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Image: Madhappy

The LVMH Moët Hennessy Louis Vuitton has added a new brand as a recipient of investment in its roster of emerging-stage fashion, cosmetics or accessories companies. The Paris-based luxury conglomerate’s LVMH Luxury Ventures subsidiary revealed that it has taken a stake Madhappy, the 2-year old streetwear-slash-loungewear brand that has found a core following amongst 18 to 30 year-olds thanks to its color streetwear-esque wares and positivity-centric messaging.

Founded in April 2017 by 20-somethings Peiman Raf and his brother, celebrity stylist Noah Raf, along with partners Mason Spector and Joshua Sitt, the buzzy young brand has swiftly found fans both in consumers and investors. Madhappy – which now has outposts on Melrose Place in Los Angeles and Howard Street in New York, and has hosted a score of popups in places, such as Miami and Aspen – is fresh from a $1.8 million seed round in March, drawing funds from MeUndies founder Jonathan Shokrian, College Fashionista founder Amy Levin Klein, founders from Sweetgreen, and Justin Caruso, the son of American retail real estate magnate Rick Caruso.

While the financial details of the deal from LVMH Luxury Ventures standpoint have not been disclosed, a spokesman for LVMH said in 2017 that investments made by the newly-formed subsidiary – which has backed sustainable luxury brand Gabriela Hearst and sneaker/streetwear consignment company Stadium Goods, the latter of which has since been acquired by Farfetch – would generally range from 2 million euros to 10 million euros.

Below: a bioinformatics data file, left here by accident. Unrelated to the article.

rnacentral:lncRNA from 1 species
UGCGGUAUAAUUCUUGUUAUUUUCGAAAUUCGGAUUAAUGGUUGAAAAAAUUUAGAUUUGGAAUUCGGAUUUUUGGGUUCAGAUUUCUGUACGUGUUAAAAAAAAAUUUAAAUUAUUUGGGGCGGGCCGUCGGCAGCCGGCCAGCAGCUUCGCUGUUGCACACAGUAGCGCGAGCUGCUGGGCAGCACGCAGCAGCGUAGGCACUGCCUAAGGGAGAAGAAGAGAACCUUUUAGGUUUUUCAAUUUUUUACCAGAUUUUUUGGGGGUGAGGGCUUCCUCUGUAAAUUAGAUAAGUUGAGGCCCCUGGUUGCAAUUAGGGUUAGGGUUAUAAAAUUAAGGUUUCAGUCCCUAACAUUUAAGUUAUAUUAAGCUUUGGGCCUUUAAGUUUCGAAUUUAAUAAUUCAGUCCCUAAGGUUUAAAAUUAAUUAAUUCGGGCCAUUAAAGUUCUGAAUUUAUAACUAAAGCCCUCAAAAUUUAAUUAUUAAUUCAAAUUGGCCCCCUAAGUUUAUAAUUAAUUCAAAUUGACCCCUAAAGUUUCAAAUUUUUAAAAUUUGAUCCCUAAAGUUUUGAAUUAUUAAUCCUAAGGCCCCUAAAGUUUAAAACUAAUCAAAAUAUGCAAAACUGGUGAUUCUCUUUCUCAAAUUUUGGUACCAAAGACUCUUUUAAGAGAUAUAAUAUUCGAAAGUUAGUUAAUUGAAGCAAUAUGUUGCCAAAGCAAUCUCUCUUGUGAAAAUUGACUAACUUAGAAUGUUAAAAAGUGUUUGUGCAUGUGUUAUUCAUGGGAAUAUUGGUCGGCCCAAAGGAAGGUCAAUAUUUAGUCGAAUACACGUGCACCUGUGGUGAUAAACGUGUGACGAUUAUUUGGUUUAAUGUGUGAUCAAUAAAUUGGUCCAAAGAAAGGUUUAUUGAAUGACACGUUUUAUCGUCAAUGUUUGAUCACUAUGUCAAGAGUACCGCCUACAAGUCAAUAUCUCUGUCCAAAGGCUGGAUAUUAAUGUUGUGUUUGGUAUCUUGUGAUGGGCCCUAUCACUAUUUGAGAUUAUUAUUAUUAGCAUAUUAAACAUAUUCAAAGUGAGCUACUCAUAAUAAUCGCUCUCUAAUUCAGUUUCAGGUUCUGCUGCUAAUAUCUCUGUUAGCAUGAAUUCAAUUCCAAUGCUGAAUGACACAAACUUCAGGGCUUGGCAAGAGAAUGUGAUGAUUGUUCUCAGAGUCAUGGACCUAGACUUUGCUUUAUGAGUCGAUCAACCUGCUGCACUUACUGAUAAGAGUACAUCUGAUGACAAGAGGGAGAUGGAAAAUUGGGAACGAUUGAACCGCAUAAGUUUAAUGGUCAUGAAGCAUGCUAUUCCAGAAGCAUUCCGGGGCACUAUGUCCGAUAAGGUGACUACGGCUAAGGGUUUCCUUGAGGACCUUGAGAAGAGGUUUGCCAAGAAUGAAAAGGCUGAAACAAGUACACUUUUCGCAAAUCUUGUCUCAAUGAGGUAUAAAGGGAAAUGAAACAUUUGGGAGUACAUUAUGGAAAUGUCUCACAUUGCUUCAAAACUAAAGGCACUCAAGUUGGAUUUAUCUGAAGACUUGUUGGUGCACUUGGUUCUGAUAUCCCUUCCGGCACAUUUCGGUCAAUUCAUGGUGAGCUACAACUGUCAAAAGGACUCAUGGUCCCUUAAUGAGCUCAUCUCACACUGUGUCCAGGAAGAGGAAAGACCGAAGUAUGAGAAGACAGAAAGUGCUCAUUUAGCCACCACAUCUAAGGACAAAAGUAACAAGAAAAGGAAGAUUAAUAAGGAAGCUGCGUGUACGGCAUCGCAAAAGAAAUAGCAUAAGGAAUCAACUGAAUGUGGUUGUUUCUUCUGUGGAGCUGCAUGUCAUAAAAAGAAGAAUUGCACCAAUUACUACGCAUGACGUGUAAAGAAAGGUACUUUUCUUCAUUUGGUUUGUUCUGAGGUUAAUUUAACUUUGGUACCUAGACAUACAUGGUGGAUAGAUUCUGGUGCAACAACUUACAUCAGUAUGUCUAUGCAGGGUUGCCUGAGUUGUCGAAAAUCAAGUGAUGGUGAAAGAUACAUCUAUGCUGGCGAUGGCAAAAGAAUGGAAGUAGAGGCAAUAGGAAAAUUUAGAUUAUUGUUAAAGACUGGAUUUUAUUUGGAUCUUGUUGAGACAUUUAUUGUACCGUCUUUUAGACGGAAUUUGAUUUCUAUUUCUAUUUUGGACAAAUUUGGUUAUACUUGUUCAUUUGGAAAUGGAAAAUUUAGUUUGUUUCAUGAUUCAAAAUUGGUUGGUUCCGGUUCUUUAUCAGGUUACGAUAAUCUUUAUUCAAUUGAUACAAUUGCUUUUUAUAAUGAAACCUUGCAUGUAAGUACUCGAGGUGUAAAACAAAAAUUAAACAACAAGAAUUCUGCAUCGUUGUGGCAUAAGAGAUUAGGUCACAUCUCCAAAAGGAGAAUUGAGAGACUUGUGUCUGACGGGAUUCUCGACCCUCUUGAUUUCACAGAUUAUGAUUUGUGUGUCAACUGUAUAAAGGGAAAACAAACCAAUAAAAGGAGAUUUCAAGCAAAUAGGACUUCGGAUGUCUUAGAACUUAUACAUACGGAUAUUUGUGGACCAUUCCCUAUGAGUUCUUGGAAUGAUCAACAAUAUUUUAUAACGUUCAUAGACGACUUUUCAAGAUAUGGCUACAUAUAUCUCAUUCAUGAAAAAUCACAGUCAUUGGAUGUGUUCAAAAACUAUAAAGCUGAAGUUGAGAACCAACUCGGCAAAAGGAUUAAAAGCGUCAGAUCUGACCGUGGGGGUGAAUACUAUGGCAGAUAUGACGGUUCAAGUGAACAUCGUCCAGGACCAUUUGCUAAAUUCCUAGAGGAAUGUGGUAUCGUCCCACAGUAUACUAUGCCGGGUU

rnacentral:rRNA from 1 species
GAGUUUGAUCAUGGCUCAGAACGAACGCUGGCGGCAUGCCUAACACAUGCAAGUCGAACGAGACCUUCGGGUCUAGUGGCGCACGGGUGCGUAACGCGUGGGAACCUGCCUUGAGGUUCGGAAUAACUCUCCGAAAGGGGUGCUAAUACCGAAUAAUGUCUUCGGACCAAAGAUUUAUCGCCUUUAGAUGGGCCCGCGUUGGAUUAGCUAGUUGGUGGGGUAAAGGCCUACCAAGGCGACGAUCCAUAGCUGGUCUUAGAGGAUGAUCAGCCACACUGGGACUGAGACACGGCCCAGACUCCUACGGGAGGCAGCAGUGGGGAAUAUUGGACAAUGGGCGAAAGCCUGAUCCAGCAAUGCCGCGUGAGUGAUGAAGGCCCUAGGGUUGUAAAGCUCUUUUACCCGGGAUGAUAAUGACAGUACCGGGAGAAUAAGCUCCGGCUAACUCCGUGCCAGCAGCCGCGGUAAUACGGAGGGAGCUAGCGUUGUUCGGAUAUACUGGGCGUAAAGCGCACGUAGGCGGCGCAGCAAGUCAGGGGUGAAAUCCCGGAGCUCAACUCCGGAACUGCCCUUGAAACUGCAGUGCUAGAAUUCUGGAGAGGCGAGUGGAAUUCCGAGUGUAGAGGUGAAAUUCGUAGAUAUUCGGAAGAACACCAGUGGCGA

As for the targets of its investments, Reuters reported in the past that LVMH Luxury Ventures “will buy stakes in luxury companies with sales of between 2 million and 5 million euros and a high-growth potential.” While Madhappy’s annual revenues, for its first full year in business at least, fall below that, totaling $1 million for 2018, Business of Fashion notes that LVMH’s “bet on a tiny streetwear label is a sign of the luxury giant’s eagerness to get on board with start-up culture and emerging fashion business models, even as its parent steers some of the industry’s biggest brands.”

“LVMH is not trying to recreate [streetwear] from a distance by copying after the fact,” Shireen Jiwan, founder of Sleuth Brand Consulting told BoF. Instead, by way of investments like this and the appointment of figures like Virgil Abloh to top spots under its main umbrella, “they’re getting in front of it by collaborating with the organic creators of this new way of living, working, wanting, shopping, being.”